Facebook fixes profile stalking loophole

Facebook fixes profile stalking loophole

Summary: Facebook says it has already fixed a new privacy loophole that allowed you to stalk someone's profile. The social networking giant said it responded to the issue within 48 hours.


Computer scientists from the University College London recently found a loophole in Facebook's privacy settings that allowed for ongoing profile stalking that is hard to spot and almost impossible to stop. The researchers took advantage of two flaws in Facebook's system: a) users can deactivate/reactivate their accounts in an unlimited way, and b) while an account is deactivated, the privacy settings associated with that account cannot be changed. Facebook has since fixed the issue.

"Earlier this week a team of security researchers described a theoretical flaw in our user interface; users have been previously unable to unfriend deactivated accounts," a Facebook spokesperson said in a statement. "We quickly worked to resolve this issue, and were able to deploy a modification to our UI within 48 hours of receiving these reports."

Facebook is, however, not pleased with the way it found out about this bug (the researchers published a paper regarding their findings). The social networking giant would have preferred to receive this information privately, not learn about it once it is already public.

"While we appreciate all work done to help keep Facebook safe, we have several legitimate concerns about this research by the University College London," a Facebook spokesperson said in a statement. "We were disappointed that this was not disclosed to us through our Responsible Disclosure Policy and was done in violation of our terms. We encourage all of the security community to make use of our White Hat program, which providers researchers tools and bug reporting channels. In addition, as always, we encourage people to only connect with people they actually know and report any suspicious behavior they observe on the site."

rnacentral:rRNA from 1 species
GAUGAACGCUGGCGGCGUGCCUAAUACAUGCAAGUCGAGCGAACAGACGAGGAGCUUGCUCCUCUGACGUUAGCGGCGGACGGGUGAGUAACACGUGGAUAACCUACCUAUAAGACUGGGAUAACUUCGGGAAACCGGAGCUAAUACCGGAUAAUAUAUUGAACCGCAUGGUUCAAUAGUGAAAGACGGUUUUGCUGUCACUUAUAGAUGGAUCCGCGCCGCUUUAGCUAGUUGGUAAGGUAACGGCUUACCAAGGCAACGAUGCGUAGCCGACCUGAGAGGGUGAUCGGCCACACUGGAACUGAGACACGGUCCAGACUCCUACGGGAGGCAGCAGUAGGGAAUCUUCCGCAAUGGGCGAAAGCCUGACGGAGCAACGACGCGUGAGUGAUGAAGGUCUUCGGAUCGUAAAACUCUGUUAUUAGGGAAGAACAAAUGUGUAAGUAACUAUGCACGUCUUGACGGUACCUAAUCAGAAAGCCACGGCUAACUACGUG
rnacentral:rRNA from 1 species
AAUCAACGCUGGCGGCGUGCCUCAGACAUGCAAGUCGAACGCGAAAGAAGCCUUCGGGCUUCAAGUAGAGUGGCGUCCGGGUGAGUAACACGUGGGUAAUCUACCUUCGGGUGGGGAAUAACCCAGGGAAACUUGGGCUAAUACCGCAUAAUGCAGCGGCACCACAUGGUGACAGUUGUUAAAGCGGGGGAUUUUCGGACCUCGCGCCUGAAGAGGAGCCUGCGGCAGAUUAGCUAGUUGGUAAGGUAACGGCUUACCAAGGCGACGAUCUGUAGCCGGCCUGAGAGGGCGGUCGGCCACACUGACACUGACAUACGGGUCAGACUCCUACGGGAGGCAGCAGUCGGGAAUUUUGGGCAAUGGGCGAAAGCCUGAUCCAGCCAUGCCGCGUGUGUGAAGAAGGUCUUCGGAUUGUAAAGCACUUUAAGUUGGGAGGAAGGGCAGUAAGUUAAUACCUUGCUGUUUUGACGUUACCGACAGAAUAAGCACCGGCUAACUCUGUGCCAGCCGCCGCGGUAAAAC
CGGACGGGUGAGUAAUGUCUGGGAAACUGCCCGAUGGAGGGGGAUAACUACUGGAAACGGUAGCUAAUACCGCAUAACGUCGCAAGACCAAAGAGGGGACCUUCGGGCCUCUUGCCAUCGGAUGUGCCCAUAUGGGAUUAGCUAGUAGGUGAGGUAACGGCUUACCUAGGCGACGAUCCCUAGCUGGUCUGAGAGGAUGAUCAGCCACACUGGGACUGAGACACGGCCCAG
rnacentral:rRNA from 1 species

It's not clear what exactly Facebook changed to fix the problem. Here are the two suggestions I made in my previous article: " The company can either keep track of accounts belonging to users who deactivate and reactivate on a regular basis, or the social networking giant can simply allow you to change the privacy settings for your friends with deactivated their accounts."

I have asked Facebook for details and will update you if I hear back.

Update at 2:30 PM PST: Facebook users can now unfriend deactivated users, meaning deactivated accounts can't abuse the friendship connection.

See also:

Topic: Social Enterprise

Emil Protalinski

About Emil Protalinski

Emil is a freelance journalist writing for CNET and ZDNet. Over the years,
he has covered the tech industry for multiple publications, including Ars
Technica, Neowin, and TechSpot.

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  • In the future, having had a Facebook account...

    ...will be something like the regret one feels for having attended that drunk party years ago where clothing was optional, and the videos ended up on the internet.

    The best Facebook privacy option is not to have an account. Pretty simple really.
    Hatestone Johnson
  • Hey MccormickG Go push your spam somewhere else.

    If it was that good you would be making 20 grand a month yourself instead of pushing that garbage on us. P*ss off you jerk.
    Rick Sos